The Possibilities of an Excellent Breakfast

There are lots of local places for eggs, bacon and wonderful surprises.



Columbia Ave., Vandergrift, home of G&G Restaurant.

I eat breakfast most mornings in my car. I’m a semi-distracted driver with a bagel or some toast in my hand, coffee in a paper cup between the front seats.

Since this past November, however, I’ve been working on a new TV program that celebrates good places to go for a morning meal, and I’ve been to some wonderful eateries nearby and across the country. (My show “Breakfast Special” premieres July 14 at 8 p.m. on most PBS stations.)The Mixed Grill at  Gab-N-Eat.

And while we shot at a couple of local eateries—Hot Metal Diner in West Mifflin and Square Café in Regent Square—I’m still exploring, and that’s one of the joys of my job: I don’t have to stop doing research. Ever.

Early on in the production process, I met video editor Matt Conrad one morning at the Gab-N-Eat in Carnegie. This much-loved little restaurant has a perfect name, an obscure location (we both drove by before finding it on Washington Avenue) and a totally comfortable and homey atmosphere. We sat at the counter—always the best seats. I got the legendary Mixed Grill there, and it was tremendous: a jumble of potatoes and meat and eggs, topped with Italian toast. We gabbed and ate. Actually, I appreciated that the waitress had no problem getting me a small side order of corned beef hash, too. It was unnecessary but excellent, and I will find a way to get back for more soon.

Then one Saturday, while editing “Breakfast Special,” I drove through Bloomfield and saw the bright plastic signs in the windows at Rocky’s at the corner of Liberty and Edmond, and I had to stop in for bacon and eggs. Not bad. It’s a small neighborhood spot where breakfast is no-nonsense and fast, cooked right in front of you. A valuable place.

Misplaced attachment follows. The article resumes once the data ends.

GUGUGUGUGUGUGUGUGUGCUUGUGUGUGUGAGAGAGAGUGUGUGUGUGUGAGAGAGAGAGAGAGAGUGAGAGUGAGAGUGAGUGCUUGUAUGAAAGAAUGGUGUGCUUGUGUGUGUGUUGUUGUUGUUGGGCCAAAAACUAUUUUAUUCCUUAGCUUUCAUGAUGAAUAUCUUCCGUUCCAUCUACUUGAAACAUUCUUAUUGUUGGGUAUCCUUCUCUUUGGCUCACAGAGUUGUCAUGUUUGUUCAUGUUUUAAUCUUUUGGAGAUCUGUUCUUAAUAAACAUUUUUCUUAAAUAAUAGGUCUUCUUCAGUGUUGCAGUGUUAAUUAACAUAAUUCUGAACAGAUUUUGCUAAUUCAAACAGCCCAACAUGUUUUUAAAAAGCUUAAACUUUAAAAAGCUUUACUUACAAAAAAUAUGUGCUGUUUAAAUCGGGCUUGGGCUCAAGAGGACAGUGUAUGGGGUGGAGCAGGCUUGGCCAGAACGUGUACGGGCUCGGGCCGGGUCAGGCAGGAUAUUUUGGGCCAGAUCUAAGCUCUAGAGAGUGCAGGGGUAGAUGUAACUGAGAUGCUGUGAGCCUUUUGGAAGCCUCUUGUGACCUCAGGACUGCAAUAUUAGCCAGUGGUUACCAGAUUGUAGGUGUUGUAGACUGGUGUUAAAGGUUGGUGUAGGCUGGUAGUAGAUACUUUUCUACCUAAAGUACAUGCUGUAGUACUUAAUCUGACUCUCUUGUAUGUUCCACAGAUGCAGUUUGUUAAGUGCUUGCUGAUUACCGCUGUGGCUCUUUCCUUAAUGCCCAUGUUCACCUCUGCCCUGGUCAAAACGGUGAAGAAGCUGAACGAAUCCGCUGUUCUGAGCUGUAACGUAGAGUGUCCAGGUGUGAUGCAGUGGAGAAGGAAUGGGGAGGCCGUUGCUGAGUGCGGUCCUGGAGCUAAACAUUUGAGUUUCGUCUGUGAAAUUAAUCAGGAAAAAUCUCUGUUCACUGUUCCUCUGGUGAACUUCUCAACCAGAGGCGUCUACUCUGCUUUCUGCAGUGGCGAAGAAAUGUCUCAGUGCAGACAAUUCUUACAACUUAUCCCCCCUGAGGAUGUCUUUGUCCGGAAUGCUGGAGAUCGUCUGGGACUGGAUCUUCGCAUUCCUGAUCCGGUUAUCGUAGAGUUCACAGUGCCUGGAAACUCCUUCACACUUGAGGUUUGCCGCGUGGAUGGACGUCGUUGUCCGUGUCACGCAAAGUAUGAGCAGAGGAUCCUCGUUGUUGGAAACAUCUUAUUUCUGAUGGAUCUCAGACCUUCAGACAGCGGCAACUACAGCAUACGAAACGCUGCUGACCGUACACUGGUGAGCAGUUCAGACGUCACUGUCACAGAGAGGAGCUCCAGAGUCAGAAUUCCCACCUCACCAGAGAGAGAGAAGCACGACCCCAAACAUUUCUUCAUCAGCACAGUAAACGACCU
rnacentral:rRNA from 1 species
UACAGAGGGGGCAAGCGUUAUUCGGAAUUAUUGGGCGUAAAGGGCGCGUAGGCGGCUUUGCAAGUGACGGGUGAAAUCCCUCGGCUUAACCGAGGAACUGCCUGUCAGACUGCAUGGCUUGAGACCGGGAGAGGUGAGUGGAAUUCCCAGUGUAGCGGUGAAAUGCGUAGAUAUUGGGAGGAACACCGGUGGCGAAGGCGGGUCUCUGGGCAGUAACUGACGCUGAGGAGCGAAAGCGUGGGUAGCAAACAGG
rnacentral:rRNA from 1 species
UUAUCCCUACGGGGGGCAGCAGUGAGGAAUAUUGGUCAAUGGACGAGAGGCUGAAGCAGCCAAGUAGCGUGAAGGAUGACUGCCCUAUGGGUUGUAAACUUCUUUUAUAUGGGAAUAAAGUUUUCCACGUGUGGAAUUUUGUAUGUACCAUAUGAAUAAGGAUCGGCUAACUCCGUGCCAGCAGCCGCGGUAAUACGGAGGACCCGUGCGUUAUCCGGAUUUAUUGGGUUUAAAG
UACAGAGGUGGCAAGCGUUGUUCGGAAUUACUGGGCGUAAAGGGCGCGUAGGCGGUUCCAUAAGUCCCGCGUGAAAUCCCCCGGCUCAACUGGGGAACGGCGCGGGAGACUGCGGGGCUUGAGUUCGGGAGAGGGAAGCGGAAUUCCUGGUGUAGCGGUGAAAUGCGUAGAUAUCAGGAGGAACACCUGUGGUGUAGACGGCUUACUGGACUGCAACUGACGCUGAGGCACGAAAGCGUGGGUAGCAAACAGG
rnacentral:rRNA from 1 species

The Gyros Omelet at  G&G Restaurant.When I had a bit more time, on a Sunday when our editing system was down, I drove to Vandergrift for breakfast at the G&G Restaurant. I had eaten lunch there in March 2009 after I slipped and fell into the Kiskiminetas River, and back then, I had the amazing Vanderburger, but the owner, Mike Kakias, told me I really should stop back for breakfast because that is what they are known for. Then a friend in Vandergrift recently reminded me of the place and said the Gyros Omelet was truly tasty. Yes, it was giant and meaty, scrumptious and tomato-y, with that sour-creamy cucumber tzatziki sauce that comes on gyros. Mike took my order and suggested feta on top. I took my time, attacking this mega-breakfast with Italian toast and countless cups of coffee. Worth the drive.

These three places remind me that there are no rules about breakfast and prove that all the wonderful breakfast spots are not on TV. They’re all around us. You just have to look around, keep your eyes open and figure out where you might go tomorrow. Be sure to order something you’ve never tried before.


  • GAB-N-EAT, 1073 Washington Ave., Carnegie.
  • Info: 412/276-8808.
  • ROCKY’S, 4759 Liberty Ave., Bloomfield.
  • Info: 412/682-4538.
  • G&G RESTAURANT, 149 Columbia Ave., Vandergrift.
  • Info: 724/682-4538.

Rick Sebak produces, writes, narrates and eats his way through TV programs for WQED and PBS. Don’t forget to tune in for “Breakfast Special” on July 14 at 8 p.m.

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